Southeast Milk, Inc., was created on October 1, 1998, with the merger of two Florida dairy cooperatives, Florida Dairy Farmers' Association and Tampa Independent Dairy Farmers' Association, Inc. The two predecessor cooperatives developed separately, but the growth of the two moved in parallel lines. TIDFA's original group of dairy farmers formed a cooperative in 1948, with incorporation as TIDFA in 1967; FDFA's was first chartered in 1956, but the aim of both cooperatives was to more efficiently market their members' milk. Each cooperative formed its own trucking department to haul the milk, TIDFA in 1969 and FDFA in 1973. Through the years, both cooperatives merged with other cooperatives and expanded their membership. In 1998, it was agreed that the future of the Florida dairy farmers could best be served by merger of the two cooperatives. SMI presently markets 3 billion pounds of milk annually.
SMI is a full-service cooperative operating for the benefit of its members. SMI's members are now in four states. Most dairies in Florida and approximately half in Georgia are SMI members. SMI also is pleased to have members in Alabama and Tennessee. Size of member herds range from under 100 to over 3000. There are 25 members of the Board of Directors. The Board meets monthly in open meetings where any member can attend and participate. It offers dairy supplies and feed mill services to its members and others, the "profits" of which operations are returned to its members.
Other business ventures that benefit members are an ultra-filtration plant and a dairy processing plant. In an effort to produce enough milk for the growing population of the Southeast, particularly Florida, the winter months see excess production with milk shipped out of the state. Conversely, the summer's heat and humidity reduce production levels and create a milk deficit situation, and SMI procures and moves milk into the state. One of SMI's biggest expenses is the cost of moving milk. To curb the expense, SMI undertook construction and operation of an ultra-filtration plant. In times of excess, three loads can be shipped to this plant in Baconton, Georgia, where milk is forced through a series of filters in a maze of pipes, and is reduced from the original three loads down to one. This one load is then shipped to distant markets, rather than having the expense of shipping the original three. This reduction in transportation cost results in increased returns to members.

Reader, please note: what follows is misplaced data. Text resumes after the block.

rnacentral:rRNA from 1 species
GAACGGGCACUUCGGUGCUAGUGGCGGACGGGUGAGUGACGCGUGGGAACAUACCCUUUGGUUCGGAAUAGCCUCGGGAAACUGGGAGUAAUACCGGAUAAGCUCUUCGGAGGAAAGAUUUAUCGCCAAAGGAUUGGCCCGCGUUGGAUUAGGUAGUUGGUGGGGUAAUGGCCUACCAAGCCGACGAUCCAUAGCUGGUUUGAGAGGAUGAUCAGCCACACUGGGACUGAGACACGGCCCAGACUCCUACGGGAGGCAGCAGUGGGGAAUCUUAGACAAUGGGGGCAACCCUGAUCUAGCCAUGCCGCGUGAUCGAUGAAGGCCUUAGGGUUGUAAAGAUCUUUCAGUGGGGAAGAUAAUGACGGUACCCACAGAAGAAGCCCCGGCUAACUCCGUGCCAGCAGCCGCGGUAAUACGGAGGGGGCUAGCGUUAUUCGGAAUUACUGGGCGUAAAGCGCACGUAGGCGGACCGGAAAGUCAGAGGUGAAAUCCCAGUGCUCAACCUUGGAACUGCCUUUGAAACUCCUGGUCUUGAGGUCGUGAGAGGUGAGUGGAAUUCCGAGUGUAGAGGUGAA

In April 2004, SMI purchased Gustafson's Dairy. Gustafson's was a family-run business with a loyal following. It, too, has proven to be a successful venture for SMI. 60 loads of milk per week are processed at the plant, and customer base has increased since the purchase.
SMI currently handles most of the milk marketed in the state of Florida. The growth of SMI rests upon the reputation of its predecessors, FDFA and TIDFA, for providing the highest quality product available at a cost that is fair and equitable to both the farmers and the processors who service the consuming public in Florida. It is our job to balance the needs of the two customers, farmers and processors, so that they are both satisfied. We depend on our employees working as a team to attain that goal. – less–ZoomInfo